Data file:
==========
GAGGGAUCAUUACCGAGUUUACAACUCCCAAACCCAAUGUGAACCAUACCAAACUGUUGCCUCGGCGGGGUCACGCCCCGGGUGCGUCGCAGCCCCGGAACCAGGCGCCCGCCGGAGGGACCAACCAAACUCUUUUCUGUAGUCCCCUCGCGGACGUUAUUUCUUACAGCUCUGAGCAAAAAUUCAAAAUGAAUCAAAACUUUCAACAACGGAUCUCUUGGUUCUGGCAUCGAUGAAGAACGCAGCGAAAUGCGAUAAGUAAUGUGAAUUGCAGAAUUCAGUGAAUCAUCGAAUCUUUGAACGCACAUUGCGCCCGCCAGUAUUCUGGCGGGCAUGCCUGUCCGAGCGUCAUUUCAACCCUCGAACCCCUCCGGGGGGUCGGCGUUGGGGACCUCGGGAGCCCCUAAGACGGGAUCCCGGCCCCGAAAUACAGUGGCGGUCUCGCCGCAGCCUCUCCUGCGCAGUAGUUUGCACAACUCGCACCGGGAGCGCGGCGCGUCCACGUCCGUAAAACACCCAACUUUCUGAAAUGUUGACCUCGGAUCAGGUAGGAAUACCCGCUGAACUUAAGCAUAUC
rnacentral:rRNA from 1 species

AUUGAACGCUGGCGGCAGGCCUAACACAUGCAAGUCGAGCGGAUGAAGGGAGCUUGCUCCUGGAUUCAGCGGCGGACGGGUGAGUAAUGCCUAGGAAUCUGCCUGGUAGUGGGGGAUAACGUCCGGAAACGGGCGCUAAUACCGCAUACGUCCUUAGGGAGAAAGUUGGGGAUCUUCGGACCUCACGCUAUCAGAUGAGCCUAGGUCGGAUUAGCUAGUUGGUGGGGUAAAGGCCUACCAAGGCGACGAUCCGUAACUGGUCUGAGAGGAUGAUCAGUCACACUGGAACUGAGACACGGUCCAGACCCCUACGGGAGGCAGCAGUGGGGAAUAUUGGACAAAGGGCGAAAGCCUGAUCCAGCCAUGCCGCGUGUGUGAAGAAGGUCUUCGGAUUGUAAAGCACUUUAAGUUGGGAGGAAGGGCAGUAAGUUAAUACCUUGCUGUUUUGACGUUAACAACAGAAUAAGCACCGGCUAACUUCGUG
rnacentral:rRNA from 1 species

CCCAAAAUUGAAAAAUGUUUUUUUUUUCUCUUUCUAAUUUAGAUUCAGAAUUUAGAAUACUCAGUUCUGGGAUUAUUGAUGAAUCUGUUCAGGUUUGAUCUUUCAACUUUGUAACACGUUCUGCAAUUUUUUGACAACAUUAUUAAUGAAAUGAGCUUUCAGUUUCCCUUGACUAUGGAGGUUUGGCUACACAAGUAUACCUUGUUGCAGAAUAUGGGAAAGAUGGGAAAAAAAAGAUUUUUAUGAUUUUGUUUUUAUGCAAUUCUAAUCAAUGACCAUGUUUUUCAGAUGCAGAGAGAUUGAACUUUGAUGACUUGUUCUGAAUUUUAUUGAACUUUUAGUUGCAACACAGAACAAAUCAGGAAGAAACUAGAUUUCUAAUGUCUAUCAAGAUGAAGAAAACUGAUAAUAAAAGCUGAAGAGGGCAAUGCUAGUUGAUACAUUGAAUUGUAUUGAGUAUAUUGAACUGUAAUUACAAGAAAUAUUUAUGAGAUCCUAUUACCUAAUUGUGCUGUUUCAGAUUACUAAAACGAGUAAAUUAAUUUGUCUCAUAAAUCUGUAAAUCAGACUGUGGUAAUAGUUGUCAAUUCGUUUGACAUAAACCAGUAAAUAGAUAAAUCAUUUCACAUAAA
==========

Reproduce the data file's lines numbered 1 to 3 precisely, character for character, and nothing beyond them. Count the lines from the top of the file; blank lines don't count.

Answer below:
GAGGGAUCAUUACCGAGUUUACAACUCCCAAACCCAAUGUGAACCAUACCAAACUGUUGCCUCGGCGGGGUCACGCCCCGGGUGCGUCGCAGCCCCGGAACCAGGCGCCCGCCGGAGGGACCAACCAAACUCUUUUCUGUAGUCCCCUCGCGGACGUUAUUUCUUACAGCUCUGAGCAAAAAUUCAAAAUGAAUCAAAACUUUCAACAACGGAUCUCUUGGUUCUGGCAUCGAUGAAGAACGCAGCGAAAUGCGAUAAGUAAUGUGAAUUGCAGAAUUCAGUGAAUCAUCGAAUCUUUGAACGCACAUUGCGCCCGCCAGUAUUCUGGCGGGCAUGCCUGUCCGAGCGUCAUUUCAACCCUCGAACCCCUCCGGGGGGUCGGCGUUGGGGACCUCGGGAGCCCCUAAGACGGGAUCCCGGCCCCGAAAUACAGUGGCGGUCUCGCCGCAGCCUCUCCUGCGCAGUAGUUUGCACAACUCGCACCGGGAGCGCGGCGCGUCCACGUCCGUAAAACACCCAACUUUCUGAAAUGUUGACCUCGGAUCAGGUAGGAAUACCCGCUGAACUUAAGCAUAUC
rnacentral:rRNA from 1 species

AUUGAACGCUGGCGGCAGGCCUAACACAUGCAAGUCGAGCGGAUGAAGGGAGCUUGCUCCUGGAUUCAGCGGCGGACGGGUGAGUAAUGCCUAGGAAUCUGCCUGGUAGUGGGGGAUAACGUCCGGAAACGGGCGCUAAUACCGCAUACGUCCUUAGGGAGAAAGUUGGGGAUCUUCGGACCUCACGCUAUCAGAUGAGCCUAGGUCGGAUUAGCUAGUUGGUGGGGUAAAGGCCUACCAAGGCGACGAUCCGUAACUGGUCUGAGAGGAUGAUCAGUCACACUGGAACUGAGACACGGUCCAGACCCCUACGGGAGGCAGCAGUGGGGAAUAUUGGACAAAGGGCGAAAGCCUGAUCCAGCCAUGCCGCGUGUGUGAAGAAGGUCUUCGGAUUGUAAAGCACUUUAAGUUGGGAGGAAGGGCAGUAAGUUAAUACCUUGCUGUUUUGACGUUAACAACAGAAUAAGCACCGGCUAACUUCGUG